Why shouldn't you use the semi-colon to terminate lines? This is pretty
common practice to do, even if the compiler does it automatically. Is there
a specific reason you think it shouldn't be done?
A semicolon doesn't just make it easier for the compiler, it makes it
easier to read as well. Because you know where the line is (should be)
That's why I disagree with this, but perhaps there's a good reason not too.
I'm curious about other people's views.
For more information:
I second the use of semi-colons to terminate lines. Most of the time, the
compiler and I agree on the end of a line/command... but the couple of
times we have differed, the compiler did not inform me and I spent hours
trying to figure out what happened. The compiler does support them, it just
does not require them.
Other than use in rare single-line constructs, semicolon terminators
are completely superfluous in NetLinx. Semicolon statement terminators
at the end of lines add nothing to the code. Code will compile fine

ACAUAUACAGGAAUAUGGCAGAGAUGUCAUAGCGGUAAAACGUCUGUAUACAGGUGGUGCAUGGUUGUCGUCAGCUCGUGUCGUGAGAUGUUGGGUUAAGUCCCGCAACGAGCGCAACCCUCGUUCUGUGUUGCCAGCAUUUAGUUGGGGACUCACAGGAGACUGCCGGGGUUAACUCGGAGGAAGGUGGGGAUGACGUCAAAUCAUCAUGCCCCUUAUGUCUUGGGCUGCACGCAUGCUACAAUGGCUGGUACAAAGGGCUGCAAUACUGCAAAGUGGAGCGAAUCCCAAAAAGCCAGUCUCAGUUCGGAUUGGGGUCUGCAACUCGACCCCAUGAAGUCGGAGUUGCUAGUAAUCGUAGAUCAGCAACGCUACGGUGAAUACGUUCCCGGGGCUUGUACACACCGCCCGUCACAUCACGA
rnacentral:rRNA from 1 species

with or without them. I know lines terminate when the statement has
ended (peren-newline, bracket-newline, doublequote-newline). The rules
don't change there. Adding them to the ends of lines in NetLinx is
equal only to decoration.
By allowing them, they are sure to be forgotten in some instances. The
code will still work, but this will hinder readability and hinders
using the code as a learning tool ("Why isn't this line terminated?
Why does it still work?")
I come from a programming background in C and PHP, so I'm very used to
semicolons as terminators. I also deal with languages that either
don't use them (PIC assembly) or that can use them, but usually
shouldn't (such as Haskell). I've gotten used to not using them in
NetLinx, even though it is similar to other popular languages, as they
are not necessary and they add nothing to the code.
Changed the column width to 81 characters, noticed that it includes the
code-folding section as 1 character, so setting it to 81 actually gives you